Wordless Wednesday #2

posted in: chronic illness | 4

I’m taking part in WEGO Health’s Health Activist Writer’s Month Challenge

Day 10 #HAWMC – It’s often hard to like pictures of ourselves – post your favourite picture of yourself. Though today is technically “Wordless Wednesday,” tell us why it’s your favourite and what it means to you. 

Being wordless is sometimes difficult for a writer, so I’m glad they asked us to elaborate on our choice.

There was a period of at least two years in my twenties when I avoided having my picture taken. Due to the pill, various psychiatric drugs and possibly my illnesses, my adult body weight doubled in the space of just 4 years. Looking at myself was indeed like looking at a stranger. I looked at that stranger with revulsion. Even though I rode my bicycle, walked everywhere, and did circuit training, etc, I never lost the weight. Strangers began to yell insults from cars, and people I knew began to make not-so-oblique comments about my size. In 1994, following a brief hospitalization for depression, I dyed my blonde hair black. I don’t have a photo of the stranger with black hair. Over the following 16 or so years, I learned gradually to look at myself with neutrality. I came to accept that the stranger in the mirror and the photographs was me. I was no longer so dissociative.

In 2010, I met a counsellor who taught me the simple but profound Buddist practice of metta (a Pali word that translates as loving-kindness). I began investigating other practices including self-compassion as taught by Buddhist teachers, Tara Brach and Toni Bernhard. I didn’t become a Buddhist, although I embraced many of the practices. Sometimes I was able to look at myself through the forgiving eyes of self-compassion and could even find beauty in what I saw.

In the Shadow Lands

This photo is one of my favourites for many reasons. This is what I see when I look at myself through the eyes of self-compassion and loving-kindness. I took it during one of my now essential afternoon rests. Most days I have to sleep for at least 3 hours in the afternoon, as well as at night, which tends to be broken due to pain issues. I know the rules of sleep hygiene, but my experiences are closer to those shared by Toni Bernhard in Sleep Hygiene for the Rest of Us.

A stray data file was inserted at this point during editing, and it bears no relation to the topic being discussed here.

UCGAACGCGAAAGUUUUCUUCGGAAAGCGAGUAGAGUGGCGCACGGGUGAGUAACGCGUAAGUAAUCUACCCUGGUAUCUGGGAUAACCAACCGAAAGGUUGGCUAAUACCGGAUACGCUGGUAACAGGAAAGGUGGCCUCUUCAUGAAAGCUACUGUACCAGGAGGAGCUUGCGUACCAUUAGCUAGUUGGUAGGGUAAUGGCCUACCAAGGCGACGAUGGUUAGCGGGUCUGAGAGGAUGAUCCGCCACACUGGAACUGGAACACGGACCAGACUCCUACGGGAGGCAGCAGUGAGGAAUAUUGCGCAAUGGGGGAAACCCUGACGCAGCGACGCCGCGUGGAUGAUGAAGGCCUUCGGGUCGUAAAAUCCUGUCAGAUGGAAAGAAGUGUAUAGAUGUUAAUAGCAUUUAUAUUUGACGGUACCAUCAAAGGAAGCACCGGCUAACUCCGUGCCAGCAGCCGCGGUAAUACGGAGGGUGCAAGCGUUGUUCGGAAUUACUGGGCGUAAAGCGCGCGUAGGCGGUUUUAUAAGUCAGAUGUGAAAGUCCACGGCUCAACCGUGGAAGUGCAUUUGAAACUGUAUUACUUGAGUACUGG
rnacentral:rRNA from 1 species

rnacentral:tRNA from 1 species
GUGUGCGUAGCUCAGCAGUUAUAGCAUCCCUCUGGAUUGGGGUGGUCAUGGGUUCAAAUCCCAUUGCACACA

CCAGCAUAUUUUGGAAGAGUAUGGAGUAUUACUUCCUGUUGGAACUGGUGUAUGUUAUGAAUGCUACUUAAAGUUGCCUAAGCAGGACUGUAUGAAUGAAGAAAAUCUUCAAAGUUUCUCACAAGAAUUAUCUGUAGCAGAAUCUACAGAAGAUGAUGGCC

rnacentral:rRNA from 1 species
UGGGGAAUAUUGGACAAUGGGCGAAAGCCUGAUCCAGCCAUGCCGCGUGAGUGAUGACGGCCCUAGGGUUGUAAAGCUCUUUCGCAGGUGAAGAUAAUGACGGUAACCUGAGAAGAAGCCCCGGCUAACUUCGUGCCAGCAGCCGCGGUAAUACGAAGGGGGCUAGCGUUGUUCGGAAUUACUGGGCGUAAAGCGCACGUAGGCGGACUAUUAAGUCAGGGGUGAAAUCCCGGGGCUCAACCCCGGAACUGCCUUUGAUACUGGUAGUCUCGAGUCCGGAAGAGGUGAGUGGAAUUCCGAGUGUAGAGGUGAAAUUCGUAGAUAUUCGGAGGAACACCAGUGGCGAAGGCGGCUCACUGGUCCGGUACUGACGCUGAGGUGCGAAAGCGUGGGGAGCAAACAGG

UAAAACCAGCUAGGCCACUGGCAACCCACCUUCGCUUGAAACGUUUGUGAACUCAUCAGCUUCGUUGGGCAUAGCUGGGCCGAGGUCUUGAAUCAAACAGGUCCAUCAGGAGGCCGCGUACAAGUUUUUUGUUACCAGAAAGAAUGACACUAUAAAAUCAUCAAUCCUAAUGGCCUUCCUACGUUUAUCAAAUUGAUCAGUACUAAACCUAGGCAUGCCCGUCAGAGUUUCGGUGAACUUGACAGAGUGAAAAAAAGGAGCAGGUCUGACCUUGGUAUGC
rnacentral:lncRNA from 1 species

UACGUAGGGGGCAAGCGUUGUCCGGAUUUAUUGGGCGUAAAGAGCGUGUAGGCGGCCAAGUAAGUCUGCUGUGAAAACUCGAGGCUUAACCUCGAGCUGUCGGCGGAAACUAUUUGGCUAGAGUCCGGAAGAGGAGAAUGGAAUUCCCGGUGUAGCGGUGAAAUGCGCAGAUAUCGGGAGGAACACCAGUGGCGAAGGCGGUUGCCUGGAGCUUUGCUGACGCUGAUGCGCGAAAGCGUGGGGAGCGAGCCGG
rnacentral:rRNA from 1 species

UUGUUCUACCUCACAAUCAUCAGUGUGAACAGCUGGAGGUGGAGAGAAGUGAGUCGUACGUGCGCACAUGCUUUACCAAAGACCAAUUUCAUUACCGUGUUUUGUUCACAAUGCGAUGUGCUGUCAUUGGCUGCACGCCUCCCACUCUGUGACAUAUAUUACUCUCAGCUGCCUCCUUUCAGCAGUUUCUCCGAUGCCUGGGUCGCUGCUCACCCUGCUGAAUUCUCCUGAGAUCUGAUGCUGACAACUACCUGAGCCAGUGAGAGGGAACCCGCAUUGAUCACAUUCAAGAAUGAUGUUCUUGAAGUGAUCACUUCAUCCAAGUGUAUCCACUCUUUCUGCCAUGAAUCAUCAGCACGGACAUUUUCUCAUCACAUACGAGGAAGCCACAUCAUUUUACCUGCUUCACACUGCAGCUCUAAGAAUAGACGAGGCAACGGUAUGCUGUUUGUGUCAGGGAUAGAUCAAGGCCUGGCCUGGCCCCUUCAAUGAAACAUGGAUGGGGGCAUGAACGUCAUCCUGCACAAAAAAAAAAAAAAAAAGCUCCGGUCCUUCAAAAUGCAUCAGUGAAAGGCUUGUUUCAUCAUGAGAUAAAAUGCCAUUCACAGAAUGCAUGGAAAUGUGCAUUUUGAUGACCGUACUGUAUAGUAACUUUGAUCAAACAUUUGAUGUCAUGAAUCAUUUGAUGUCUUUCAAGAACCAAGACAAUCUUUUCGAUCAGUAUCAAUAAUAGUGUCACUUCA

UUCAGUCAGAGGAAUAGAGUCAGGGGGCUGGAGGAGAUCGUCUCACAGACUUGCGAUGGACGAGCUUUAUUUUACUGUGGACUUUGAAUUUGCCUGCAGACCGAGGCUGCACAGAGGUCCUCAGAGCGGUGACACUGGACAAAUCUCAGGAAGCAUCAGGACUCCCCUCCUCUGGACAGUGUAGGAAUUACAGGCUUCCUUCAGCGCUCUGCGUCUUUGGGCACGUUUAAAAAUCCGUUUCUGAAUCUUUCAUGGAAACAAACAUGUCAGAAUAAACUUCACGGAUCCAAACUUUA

I also love this photo as it shows me treating myself compassionately by taking a rest when my body demands it. I used to beat myself up over needing to rest to get through the day as just one more thing I couldn’t do like a ‘normal person’. Now (for the most part) I honour that need as a practice that actually helps me to get more done.

Finally, I like looking into my eyes in this photo. It feels like in some way I am seeing myself for the first time.

Blessings,
Jane

4 Responses

  1. Carmen Waterman (@Ca
    | Reply

    I love this picture of you and I agree it is also precious because you are practising self care and compassion. Chronic illnesses rob us of so many things and it often doesn't let us see ourselves with love and to recognize the beauty and gift we are to the world. You are beautiful and make my life worth living. I love you!

    • Jane Waterman
      | Reply

      Namaste – I love you so very much for all the good things you have nurtured in me. <3

  2. Amy Clifton
    | Reply

    Thank you once again for your post. I still struggle with accepting and loving my body which has changed so much since I got sick. You have reminded me to practice more honestly at being compassionate with myself.

    • Jane Waterman
      | Reply

      Hello Amy,

      I understand your struggles so well. I can tell you that since I started practising self-compassion my attitudes toward myself have softened and become so much kinder. The key word is practising. I still have days when I become mean to myself, but that's okay: I just have to remind myself to practise again. It takes time, but we are most worthy of our own kindness and love.

      One of the books that helped me a lot with this is Radical Acceptance by Tara Brach. She talks about the trance of unworthiness, where we get so caught up with the fact that "something is wrong with me". I know I have always felt that throughout my life. It's only relatively recently that I find myself thinking, "I am okay as I am." It's hard work rewriting those tapes!

      Many blessings,

      Jane

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